Socca Cakes

I heart Fridays. Not like my Monday-Tuesday-Wednesday-Thursday's are really any different than my Fridays. I mean, I work in my pajamas half the time. I don't wake up to an alarm. Sundays are often also work days. But, somehow, Fridays are still exciting.

Maybe it's because I can drink like a fish tonight with less consequences tomorrow? (Even though I shouldn't)

Or because tomorrow I can sleep in even later than I did today.

Perhaps I'm just looking forward to snuggling with Walnut tomorrow.

Or maybe it's that I can take on absurdly complicated cooking projects over the next two days and know that my significant other will be home to help with the dishes. (Lucky him!)

Today I did a Friday-is-Saturday kind of thing: I slept in late, took Walnut to the dog park, woke up with an ever so slight hangover and took on a far too complicated cooking project: Socca Cakes.

Well, they're really not that complicated. I think I made them more complicated by having an oven that I hate and a cast iron skillet that is seriously lacking in "patina".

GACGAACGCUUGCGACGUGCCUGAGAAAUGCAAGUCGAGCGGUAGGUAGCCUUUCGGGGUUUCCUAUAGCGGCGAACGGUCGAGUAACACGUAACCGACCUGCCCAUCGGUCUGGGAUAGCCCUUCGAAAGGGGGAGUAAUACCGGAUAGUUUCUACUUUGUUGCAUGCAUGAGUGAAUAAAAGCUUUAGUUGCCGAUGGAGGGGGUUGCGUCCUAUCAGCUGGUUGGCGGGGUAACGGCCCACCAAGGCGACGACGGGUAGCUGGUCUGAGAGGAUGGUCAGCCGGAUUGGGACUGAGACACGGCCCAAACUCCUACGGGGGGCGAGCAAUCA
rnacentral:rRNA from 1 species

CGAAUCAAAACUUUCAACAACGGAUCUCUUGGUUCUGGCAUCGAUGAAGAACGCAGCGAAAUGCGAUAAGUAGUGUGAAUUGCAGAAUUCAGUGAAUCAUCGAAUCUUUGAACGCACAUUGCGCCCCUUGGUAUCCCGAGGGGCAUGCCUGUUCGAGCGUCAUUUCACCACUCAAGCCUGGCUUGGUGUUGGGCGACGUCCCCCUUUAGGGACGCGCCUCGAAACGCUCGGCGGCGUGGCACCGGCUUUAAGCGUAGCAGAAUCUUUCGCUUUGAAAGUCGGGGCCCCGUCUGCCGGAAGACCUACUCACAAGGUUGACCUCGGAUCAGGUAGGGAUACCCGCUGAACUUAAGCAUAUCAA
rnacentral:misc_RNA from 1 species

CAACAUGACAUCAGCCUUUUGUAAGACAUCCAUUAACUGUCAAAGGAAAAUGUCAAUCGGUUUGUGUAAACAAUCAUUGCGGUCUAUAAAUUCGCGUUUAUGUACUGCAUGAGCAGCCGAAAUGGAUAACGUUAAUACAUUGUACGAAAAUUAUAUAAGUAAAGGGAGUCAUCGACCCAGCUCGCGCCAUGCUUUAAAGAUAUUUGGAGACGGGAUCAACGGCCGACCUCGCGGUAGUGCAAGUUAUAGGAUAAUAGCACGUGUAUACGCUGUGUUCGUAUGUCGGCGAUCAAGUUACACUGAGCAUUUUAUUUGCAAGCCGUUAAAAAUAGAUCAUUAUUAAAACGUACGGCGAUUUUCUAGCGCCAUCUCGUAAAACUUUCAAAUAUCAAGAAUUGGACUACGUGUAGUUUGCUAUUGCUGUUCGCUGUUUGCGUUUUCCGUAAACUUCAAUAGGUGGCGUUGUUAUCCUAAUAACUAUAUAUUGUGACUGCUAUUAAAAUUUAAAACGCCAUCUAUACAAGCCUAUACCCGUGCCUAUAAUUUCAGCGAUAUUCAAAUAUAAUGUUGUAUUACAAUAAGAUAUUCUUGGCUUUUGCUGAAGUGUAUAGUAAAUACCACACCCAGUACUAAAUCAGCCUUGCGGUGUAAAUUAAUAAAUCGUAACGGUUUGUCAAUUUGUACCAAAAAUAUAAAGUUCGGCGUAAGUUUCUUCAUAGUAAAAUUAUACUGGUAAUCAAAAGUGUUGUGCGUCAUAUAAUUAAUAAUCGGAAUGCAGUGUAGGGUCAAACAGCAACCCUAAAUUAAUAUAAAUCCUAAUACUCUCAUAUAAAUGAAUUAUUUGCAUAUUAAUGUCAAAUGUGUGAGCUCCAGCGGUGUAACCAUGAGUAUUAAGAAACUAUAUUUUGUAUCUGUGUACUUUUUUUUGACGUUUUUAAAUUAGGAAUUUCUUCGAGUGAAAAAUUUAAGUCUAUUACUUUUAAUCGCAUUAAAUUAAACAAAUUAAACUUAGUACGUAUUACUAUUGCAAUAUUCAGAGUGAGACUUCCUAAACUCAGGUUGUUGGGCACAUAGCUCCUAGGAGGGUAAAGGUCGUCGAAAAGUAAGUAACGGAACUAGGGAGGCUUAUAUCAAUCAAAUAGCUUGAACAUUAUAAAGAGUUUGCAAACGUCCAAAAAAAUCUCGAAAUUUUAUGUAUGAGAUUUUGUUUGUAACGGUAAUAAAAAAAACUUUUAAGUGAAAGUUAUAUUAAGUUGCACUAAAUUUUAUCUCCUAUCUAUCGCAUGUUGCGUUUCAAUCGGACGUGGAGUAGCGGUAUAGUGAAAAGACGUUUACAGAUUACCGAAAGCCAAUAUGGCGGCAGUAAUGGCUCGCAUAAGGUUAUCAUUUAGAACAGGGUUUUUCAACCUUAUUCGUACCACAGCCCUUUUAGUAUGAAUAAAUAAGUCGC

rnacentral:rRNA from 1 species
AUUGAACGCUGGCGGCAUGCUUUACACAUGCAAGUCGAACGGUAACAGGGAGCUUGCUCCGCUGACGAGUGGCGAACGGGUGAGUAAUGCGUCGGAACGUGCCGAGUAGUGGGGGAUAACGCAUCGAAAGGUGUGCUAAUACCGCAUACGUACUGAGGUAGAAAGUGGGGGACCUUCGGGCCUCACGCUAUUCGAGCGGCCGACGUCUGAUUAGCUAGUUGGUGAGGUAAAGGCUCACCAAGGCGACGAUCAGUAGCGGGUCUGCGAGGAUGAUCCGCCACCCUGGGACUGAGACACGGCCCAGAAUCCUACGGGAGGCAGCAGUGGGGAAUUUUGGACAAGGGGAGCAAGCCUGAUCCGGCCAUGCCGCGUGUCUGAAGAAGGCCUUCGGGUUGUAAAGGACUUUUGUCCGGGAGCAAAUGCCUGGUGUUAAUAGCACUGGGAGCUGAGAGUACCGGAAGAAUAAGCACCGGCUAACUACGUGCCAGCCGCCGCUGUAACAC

But these socca cakes are good and relatively simple. The batter is a snap. The cooking requires a more careful eye. And, because I know this is such a big deal for so many people right now: they're gluten free. Garbanzo bean flour I love you.

Recipe after the jump...

Socca Cakes

Makes three 9" cakes. Recipe by David Lebovitz.

  • 1 cup (130g) chickpea flour
  • 1 cup plus 2 tablespoons (280ml) water
  • 3/4 teaspoon sea salt
  • 1/8 teaspoon ground cumin
  • 2 1/2 tablespoons olive oil, divided
  • Freshly-ground black pepper, plus additional sea salt and olive oil for serving

Mix together the flour, water, salt, cumin, and 1 1/2 tablespoons of the olive oil. Let batter rest at least 2 hours, covered, at room temperature.

To cook, heat the broiler in your oven. Oil a 9- or 10-inch (23cm) cast iron skillet with the remaining olive oil and heat the pan in the oven.

Once the pan and the oven are blazing-hot, pour enough batter into the pan to cover the bottom, swirl it around, then pop it back in the oven.

Bake until the socca is firm and beginning to blister and burn. The exact time will depend on your broiler.

Slide the socca out of the pan onto a cutting board, slice into pieces, then shower it with coarse salt, pepper, and a drizzle of olive oil.

Cook the remaining socca batter the same way, adding a touch more oil to the pan between each one.